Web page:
Be-In Here Now With one foot planted in the vast, mostly unexplored terrain of cyberspace and the other mired in the muddy fields of Max Yasgur's farm, the 11th annual Digital Be-In hopes to humanize hard-wired technology using psychedelic music and hemp talks. Past Be-Ins have focused on cultural diversity and human rights in cyberspace, and this year's event addresses, indirectly or otherwise, the right to smoke big doobies with the launch of the DrugPeace Campaign, which appeals for a peaceful end to the drug war and new approaches to drug-related legislation and education. Virtual and actual attendees will be treated to lectures from David Borden of the Drug Reform Coalition Network, Psychedelic Island Views magazine founder Bruce Eisner, and hemp expert Chris Conrad, as well as Next School founder Jane Piper, who speaks on the importance of youth movements. Electro-pop band the Venusians play and DJs spin psychedelic trance music at the Be-In, which begins at 7 p.m. at the Somar Gallery, 934 Brannan (at Ninth Street), S.F. Admission is $15-20; call 777-9199.
High-Steppin' The drums begin rumbling early today at CitiCenter Dance Theater, and don't let up until evening, as waves of sweaty, barefoot hoofers of all levels test their skills at Community Dance Day. CitiCenter is the East Bay's stomping ground for African and African-derived dance, and to that end, they've hosted workshops with talented practitioners: Dance Theater of Harlem, Alvin Ailey, Cuba's Los Munequitos de Matanzas, Sweet Honey in the Rock, and a crew from the blockbuster tap show Bring in 'Da Noise, Bring in 'Da Funk. At this day of free classes, fly girls and boys hip hop across the floor with Korey Watkins, while would-be Carnaval dancers, daydreaming of plumed headdresses and ruffled parasols, take their first steps at an Afro-Brazilian class taught by Carlos Aceituno. The dancing begins at 11 a.m. at CitiCenter Dance Theater, 1428 Alice, Second Floor, Oakland. Admission is free; call (510) 451-1230.
Bright Lights, Big Blueprints Like so many travelers before him, Japanese filmmaker Hiroshi Teshigahara must have been struck dumb by his first glimpse of Antonio Gaudi's massive and dazzlingly intricate Sagrada Familia cathedral. Teshigahara, the director of the quiet allegorical film Woman in the Dunes, offers little dialogue in his 72-minute movie on the Catalan architect, Antonio Gaudi. Scored by Ran composer Toru Takemitsu, the film is instead a cinematic tour and visual testament to Gaudi's wide-ranging influence on artists like Picasso and Miró, and his vivid imprint on Barcelona itself, where apartment buildings still drip with his sculptural suggestions of lily pads, shells, and honeycombs, and GYell Park (named for Gaudi's benefactor Count GYell) is dotted with his whimsical tiled creations. Gaudi plays with another architecture-themed doc: Frank Lloyd Wright, done by Civil War chronicler Ken Burns and Lynn Novick, who couch their tale of the controversial figure and his legendary creations in the history of his time. The screening begins at 4:40 p.m. with Wright, followed at 7:30 p.m. by Gaudi and a second screening of Wright at 9 p.m. (also Tuesday), at the UC Theater, 2036 University (at Shattuck), Berkeley. Admission is $6.50; call (510) 843-FILM.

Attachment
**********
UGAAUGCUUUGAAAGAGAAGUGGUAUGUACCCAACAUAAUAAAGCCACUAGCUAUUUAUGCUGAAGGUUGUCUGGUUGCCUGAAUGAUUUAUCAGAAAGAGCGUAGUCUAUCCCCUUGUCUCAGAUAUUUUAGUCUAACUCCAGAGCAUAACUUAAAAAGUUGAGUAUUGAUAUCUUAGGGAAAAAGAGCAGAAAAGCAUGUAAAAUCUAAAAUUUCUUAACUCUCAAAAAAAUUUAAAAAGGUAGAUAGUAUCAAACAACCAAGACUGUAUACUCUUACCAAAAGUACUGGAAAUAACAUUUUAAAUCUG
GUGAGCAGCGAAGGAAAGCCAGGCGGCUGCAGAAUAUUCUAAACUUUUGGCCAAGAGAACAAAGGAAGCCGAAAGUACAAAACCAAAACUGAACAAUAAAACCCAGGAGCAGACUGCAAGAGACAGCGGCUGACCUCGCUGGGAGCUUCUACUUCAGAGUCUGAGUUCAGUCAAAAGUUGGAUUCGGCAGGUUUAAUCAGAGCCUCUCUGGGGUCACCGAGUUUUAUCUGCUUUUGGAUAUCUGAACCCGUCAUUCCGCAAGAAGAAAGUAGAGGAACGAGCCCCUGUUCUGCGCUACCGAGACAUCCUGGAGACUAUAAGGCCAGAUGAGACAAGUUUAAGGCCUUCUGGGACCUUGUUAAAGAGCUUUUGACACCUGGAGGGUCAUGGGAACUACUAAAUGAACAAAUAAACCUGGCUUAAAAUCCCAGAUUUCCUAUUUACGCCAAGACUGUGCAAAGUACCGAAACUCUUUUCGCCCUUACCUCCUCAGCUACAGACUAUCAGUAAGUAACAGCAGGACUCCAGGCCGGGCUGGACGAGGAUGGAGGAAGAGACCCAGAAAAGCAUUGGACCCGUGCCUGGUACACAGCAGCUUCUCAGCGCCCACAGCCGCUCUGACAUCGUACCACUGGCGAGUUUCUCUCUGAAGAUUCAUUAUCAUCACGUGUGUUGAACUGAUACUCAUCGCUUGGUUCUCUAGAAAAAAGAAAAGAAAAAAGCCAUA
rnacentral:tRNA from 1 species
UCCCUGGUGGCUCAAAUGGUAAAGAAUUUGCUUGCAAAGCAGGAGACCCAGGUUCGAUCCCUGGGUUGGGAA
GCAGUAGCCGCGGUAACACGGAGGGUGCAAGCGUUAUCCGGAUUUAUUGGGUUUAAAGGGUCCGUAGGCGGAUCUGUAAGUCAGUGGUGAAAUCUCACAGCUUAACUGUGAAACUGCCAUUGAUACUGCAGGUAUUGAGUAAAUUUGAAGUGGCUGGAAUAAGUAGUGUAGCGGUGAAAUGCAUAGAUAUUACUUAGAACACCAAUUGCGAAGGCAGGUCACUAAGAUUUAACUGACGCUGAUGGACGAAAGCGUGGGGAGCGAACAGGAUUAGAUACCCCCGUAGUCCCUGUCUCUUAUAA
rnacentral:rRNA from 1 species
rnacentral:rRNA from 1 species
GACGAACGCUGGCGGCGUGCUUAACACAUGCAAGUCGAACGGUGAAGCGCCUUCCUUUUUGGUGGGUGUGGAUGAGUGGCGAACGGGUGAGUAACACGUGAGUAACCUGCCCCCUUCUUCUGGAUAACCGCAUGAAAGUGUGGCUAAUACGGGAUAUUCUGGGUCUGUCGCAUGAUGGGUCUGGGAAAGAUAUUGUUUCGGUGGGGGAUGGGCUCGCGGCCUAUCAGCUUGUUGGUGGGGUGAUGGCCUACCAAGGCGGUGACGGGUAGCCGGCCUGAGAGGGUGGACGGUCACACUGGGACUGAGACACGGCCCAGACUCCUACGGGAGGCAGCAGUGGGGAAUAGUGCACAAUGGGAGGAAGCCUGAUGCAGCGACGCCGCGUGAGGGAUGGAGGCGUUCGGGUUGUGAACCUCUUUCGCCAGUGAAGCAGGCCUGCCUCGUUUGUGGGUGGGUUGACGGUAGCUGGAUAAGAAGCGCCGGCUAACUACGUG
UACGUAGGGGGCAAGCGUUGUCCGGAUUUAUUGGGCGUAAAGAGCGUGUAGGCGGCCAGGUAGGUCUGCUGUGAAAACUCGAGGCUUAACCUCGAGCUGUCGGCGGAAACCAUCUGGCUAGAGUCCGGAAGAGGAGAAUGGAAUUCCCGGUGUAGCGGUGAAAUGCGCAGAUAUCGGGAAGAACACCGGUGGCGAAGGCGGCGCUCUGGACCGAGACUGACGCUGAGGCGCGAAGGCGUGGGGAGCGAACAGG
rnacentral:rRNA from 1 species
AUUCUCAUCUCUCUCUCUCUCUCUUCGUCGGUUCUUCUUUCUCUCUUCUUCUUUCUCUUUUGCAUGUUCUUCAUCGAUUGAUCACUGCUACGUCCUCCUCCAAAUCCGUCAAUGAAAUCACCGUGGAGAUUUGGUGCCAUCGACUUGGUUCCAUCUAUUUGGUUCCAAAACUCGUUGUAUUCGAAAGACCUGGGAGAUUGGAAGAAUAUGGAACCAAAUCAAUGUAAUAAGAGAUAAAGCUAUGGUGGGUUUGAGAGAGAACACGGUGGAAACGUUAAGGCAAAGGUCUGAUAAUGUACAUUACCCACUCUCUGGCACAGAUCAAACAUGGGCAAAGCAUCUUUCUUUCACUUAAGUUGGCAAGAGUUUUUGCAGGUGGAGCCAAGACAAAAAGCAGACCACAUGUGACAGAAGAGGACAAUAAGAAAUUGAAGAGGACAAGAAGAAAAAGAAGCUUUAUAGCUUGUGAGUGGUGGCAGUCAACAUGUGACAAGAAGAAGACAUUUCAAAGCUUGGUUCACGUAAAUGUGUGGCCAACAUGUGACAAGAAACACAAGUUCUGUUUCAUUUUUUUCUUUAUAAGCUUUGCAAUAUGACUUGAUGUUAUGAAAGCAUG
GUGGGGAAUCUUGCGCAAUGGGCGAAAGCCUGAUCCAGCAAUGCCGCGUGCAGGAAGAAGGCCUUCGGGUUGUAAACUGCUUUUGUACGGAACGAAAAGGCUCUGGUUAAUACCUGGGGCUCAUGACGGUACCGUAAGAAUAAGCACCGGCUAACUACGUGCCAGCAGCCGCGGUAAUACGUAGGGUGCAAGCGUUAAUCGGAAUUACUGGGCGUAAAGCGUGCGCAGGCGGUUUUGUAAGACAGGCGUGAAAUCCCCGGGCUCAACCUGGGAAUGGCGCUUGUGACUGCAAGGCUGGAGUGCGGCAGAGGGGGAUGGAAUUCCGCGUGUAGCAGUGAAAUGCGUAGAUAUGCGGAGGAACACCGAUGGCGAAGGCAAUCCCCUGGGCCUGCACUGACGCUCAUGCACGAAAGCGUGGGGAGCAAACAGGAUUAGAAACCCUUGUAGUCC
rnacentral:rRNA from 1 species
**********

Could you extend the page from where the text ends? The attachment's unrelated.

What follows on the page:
You're a Good Man, Charles Brown With Christmas only recently behind us, it's worth noting that blues singer/pianist Charles Brown is responsible for one of the coolest and least cloying Christmas songs around, the sweetly downtempo "Merry Christmas Baby." There have been other memorable numbers in the 75-year-old performer's career, which began with the Three Blazers and charted with "cool blues" hits like "Sunny Road" and "Drifting Blues," recorded in the '40s and '50s. The Blues Foundation will be honoring Brown's style and influence while he's still around to appreciate it with "The Charles Brown Tribute," featuring performances by Bonnie Raitt, Dr. John, Alvin Youngblood Hart, Joe Louis Walker, and a half-dozen others -- proceeds go toward defraying Brown's medical bills. The show begins at 7:30 p.m. at the Great American Music Hall, 859 O'Farrell (at Polk), S.F. Admission is $60; call 885-0750.
Never a Dull Moment Enjoy a respite from the Tuesday night blues with two performance series that give emerging artists room to stretch: "Women's Work" and "Theater of Yugen's Monday and Tuesday Night Series." The latest installment of the ongoing "Women's Work," presented at a venue known for its experimental comedy and theater, kicks off with a dance-heavy program where E. Auzzura turns Georges Bataille's adventures in eroticism Story of the Eye into a solo movement theater piece, Simone Alone. Upcoming program highlights include Valerie de Jose's theatrical adaptation of Eudora Welty's short story "Why I Live at the P.O." and storyteller Nena St. Louis in The Art of Being Carmen (Jan. 19), as well as Marjorie Kreitman's solo performance You can take the girl out of the Bronx, but you can't take the Bronx out of the girl (Jan. 26). Shows begin at 8 p.m. at Venue 9, 252 Ninth St. (at Folsom), S.F. Admission is $6-10 sliding scale; call 289-2000. Meanwhile, Yugen makes good on its reputation for multicultural programming, heavy on Asian arts, with Snow in a Silver Bowl, an evening of kyogen and noh theater (Jan. 26). The series begins with a reading of Haery Kim's new play tonight; all shows begin at 8 p.m. at Noh Space, 2840 Mariposa (at Florida), S.F. Admission is $8.50-12.50; call 621-7978.